Butler Did It?

Sir Carol Reed’s The Fallen Idol (1948), from a screenplay by Graham Greene, based on Mr. Greene’s short story The Basement Room, is being revived at Film Forum, and is revealed once more, after more than half a century, as one of the most brilliant demonstrations of P.O.V., or point of view, filmmaking. In this instance, Georges Perinal’s rigorously subjective camera tells a suspensefully melodramatic tale as seen through the eyes of a small child, Bobby Henrey, the son of the French Ambassador to England, who, while his parents are away on a trip, is left in the care of Baines, the butler (Ralph Richardson), and his shrewish wife (Sonia Dresdel). The boy adores Baines and is terrified of Mrs. Baines. One day, he discovers a set of facts that he doesn’t fully understand. For one thing, Baines seems to be very interested in an attractive young French secretary (Michèle Morgan). When he asks Baines about her, Baines tells him falsely that she is his niece. From that point on, the boy becomes enmeshed in a web spun by the lies, deceptions and subterfuges of grown-ups.

When Mrs. Baines is found dead at the foot of one of the embassy’s winding staircases, Baines is suspected of having murdered her. The boy had fled into the night after witnessing Baines violently arguing with his wife after she’d caught him cheating with the secretary. Baines later claimed that she must have slipped on the staircase and fallen to her death accidentally. The boy tries to protect Baines, but he only succeeds in making him look more guilty with his childishly inexpert lies. Things look very bleak for Baines until—but even after half a century, I am not allowed by guild rules to give away the plot, the ending of which is considerably changed from the one in the short story by the screenwriter (and short-story writer) himself.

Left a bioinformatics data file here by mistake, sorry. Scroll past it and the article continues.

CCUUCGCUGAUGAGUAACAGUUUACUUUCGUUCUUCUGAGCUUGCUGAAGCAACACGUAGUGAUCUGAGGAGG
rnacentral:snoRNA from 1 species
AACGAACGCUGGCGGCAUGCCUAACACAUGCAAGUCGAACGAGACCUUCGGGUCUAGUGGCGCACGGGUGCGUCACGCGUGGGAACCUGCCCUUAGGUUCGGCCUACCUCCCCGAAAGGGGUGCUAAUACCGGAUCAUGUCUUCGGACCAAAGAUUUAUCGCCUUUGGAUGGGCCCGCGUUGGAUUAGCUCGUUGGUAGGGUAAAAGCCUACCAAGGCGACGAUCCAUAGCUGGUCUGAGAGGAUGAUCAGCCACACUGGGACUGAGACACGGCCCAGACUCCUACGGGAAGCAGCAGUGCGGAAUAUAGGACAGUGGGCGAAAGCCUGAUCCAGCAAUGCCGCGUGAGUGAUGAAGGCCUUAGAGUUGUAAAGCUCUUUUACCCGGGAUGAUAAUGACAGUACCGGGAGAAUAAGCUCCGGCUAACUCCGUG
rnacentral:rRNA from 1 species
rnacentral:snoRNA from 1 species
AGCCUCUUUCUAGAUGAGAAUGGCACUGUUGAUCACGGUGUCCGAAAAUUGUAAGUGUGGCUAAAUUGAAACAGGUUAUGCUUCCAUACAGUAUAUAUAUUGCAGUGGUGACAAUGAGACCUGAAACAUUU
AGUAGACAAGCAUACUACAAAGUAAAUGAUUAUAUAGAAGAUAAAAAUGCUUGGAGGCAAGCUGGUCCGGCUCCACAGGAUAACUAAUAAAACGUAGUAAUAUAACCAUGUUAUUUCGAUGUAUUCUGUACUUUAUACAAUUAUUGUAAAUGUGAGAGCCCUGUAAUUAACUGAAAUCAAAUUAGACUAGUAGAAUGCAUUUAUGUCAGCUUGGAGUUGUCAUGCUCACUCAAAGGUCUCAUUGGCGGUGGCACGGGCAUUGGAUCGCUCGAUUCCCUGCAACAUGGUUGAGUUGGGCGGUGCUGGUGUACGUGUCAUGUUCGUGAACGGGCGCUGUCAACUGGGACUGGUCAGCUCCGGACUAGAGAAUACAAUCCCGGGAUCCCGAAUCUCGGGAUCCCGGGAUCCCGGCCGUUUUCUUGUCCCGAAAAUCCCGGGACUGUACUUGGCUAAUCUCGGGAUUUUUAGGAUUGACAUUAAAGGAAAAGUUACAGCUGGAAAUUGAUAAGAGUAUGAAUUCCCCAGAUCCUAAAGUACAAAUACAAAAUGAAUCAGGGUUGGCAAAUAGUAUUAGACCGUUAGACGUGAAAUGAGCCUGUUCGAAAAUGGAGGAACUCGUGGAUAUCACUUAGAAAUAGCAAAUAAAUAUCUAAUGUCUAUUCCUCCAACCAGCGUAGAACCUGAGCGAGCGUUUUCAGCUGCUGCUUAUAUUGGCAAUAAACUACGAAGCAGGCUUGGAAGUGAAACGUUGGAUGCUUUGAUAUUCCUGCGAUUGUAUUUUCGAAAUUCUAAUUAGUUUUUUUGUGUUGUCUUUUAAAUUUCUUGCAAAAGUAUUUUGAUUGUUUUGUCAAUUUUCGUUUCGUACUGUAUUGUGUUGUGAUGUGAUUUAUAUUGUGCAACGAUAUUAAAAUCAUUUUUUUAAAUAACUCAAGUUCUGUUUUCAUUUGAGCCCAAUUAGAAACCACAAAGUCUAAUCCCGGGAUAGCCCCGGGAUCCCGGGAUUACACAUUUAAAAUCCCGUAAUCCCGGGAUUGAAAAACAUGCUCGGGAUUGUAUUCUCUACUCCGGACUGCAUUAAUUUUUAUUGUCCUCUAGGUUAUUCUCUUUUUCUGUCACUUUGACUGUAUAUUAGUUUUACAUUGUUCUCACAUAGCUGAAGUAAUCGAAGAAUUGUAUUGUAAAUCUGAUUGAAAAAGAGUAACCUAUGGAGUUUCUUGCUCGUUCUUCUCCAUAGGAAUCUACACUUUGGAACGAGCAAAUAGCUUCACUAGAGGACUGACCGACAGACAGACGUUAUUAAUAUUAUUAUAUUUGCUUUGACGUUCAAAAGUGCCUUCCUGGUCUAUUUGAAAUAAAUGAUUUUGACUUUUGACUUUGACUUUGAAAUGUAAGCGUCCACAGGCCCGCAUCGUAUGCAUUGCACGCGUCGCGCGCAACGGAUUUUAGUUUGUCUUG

Still, the film works beautifully and reminds us of the glories of the black-and-white cinema at its peak, shortly before the beginning of its gradual demise. When it came out, I was working at a menial job for the Selznick Releasing Organization, which David O. Selznick was using mainly as the American distributor of Sir Alexander Korda’s British films. Strange to say, The Fallen Idol didn’t do well in America, and it contributed to the eventual economic downfall of both Selznick and Korda.

I recall Selznick on the telephone arguing endlessly and fruitlessly with a Texas owner of a large movie chain, who refused to open the picture in Texas because of the little boy’s fondness for a pet snake. I later learned that in Texas, mothers frightened their children to sleep with stories about snakes. The point is that this little detail about the boy wasn’t in Greene’s original short story, but had been added by Greene himself to the screenplay to make the boy more interestingly complex and, indirectly, to make Mrs. Baines more unsympathetic.